Alcohol and ageing: the hidden harms
A new report by the Commission on Alcohol Harm has concluded that a new UK-wide alcohol strategy is urgently required.
Our Senior Programme Manager for Healthy Ageing, Jess Kuehne, summarises a new report out this week about the changes needed to reduce the harm caused by alcohol and highlights how harmful levels of alcohol consumption are actually highest among those in mid to later life.
When the media covers stories about harmful levels of alcohol consumption, the spotlight is usually focused on young people. Over the last decade or so, alcohol consumption has been falling, most notably among young adults – which is good news.
But while this overall trend in fall alcohol consumption – especially among young people – is a positive news story for public health, it overlooks a different story happening among people in mid to later life. The proportion of adults drinking at higher or increased risk of harm peaks among people in their 50s and 60s – and these numbers have not been falling.
Although rarely at the forefront of discussions about healthy ageing, alcohol is a key risk factor for many conditions responsible for poor health and disability as we age. Harmful drinking levels increase our risk of developing a number of different cancers, stroke, heart disease, liver disease and damage to the brain and nervous system as well as serious harm and injury due to alcohol-related accidents.
The burden of alcohol harm among people in mid to later life is borne out in Public Health England’s alcohol treatment statistics. In the ten years from 2008/2009 to 2018/2019, alcohol treatment services saw an overall 3% drop in adults being newly treated for alcohol misuse. However, among adults age 50-64, there was actually a 45% increase in people newly receiving alcohol treatment. For people aged 65 and over, the increase was even more dramatic – numbers nearly doubled for this age group.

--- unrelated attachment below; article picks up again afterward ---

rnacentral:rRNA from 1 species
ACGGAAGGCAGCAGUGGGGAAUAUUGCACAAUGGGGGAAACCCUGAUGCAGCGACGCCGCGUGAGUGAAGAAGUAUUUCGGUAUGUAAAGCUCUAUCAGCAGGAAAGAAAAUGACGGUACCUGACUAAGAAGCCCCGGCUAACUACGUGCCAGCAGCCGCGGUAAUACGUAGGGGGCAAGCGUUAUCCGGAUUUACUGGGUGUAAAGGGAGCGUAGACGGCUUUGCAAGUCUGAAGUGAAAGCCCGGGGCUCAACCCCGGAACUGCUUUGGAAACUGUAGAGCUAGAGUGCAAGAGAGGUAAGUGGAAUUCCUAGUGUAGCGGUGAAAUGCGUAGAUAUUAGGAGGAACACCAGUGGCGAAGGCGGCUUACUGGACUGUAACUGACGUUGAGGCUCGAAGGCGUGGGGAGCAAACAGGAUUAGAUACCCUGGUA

The harmful impact of alcohol has been laid bare in a new report published this week by the Commission on Alcohol Harm. It highlights the burden alcohol places on public services and the economy and the damage alcohol can cause individuals, families and communities.
It also shows how, paradoxically, even though affluent people tend to drink the same amounts or even higher levels of alcohol compared to people from poorer backgrounds, the burden of alcohol harm disproportionately falls on those from more disadvantaged areas – thereby worsening existing inequalities. There are a few different theories as to why this might be – including different drinking patterns and the way alcohol consumption interacts with other risk factors for poor health. In addition, the report has found that older people from Black and minority ethnic backgrounds are more likely to face challenges in accessing treatment.
Other findings from the report show that people in mid to later life are:
- More vulnerable to alcohol harm from to higher levels of drinking because as we age it becomes more difficult for the body to break down alcohol.
- More likely to drink heavily as a result of a change in life circumstances, such as retiring, reduced opportunities to socialise, bereavement, or a change in financial circumstances.
- More likely to go undetected because they are ‘generally not known to treatment services and are reluctant to engage following hospital discharge’.
The report calls for a new government strategy to tackle the rising alcohol harm. This includes implementing evidence-based interventions recommended by the World Health Organisation, including minimum unit pricing, excise taxes, availability and promotion of alcohol, clear alcohol product labelling, advice and treatment for people drinking at harmful levels, and action to reduce drink driving.
Given the important role alcohol plays in healthy ageing, we fully support the commissioners' call for an alcohol strategy to tackle the hidden harms of alcohol on our society.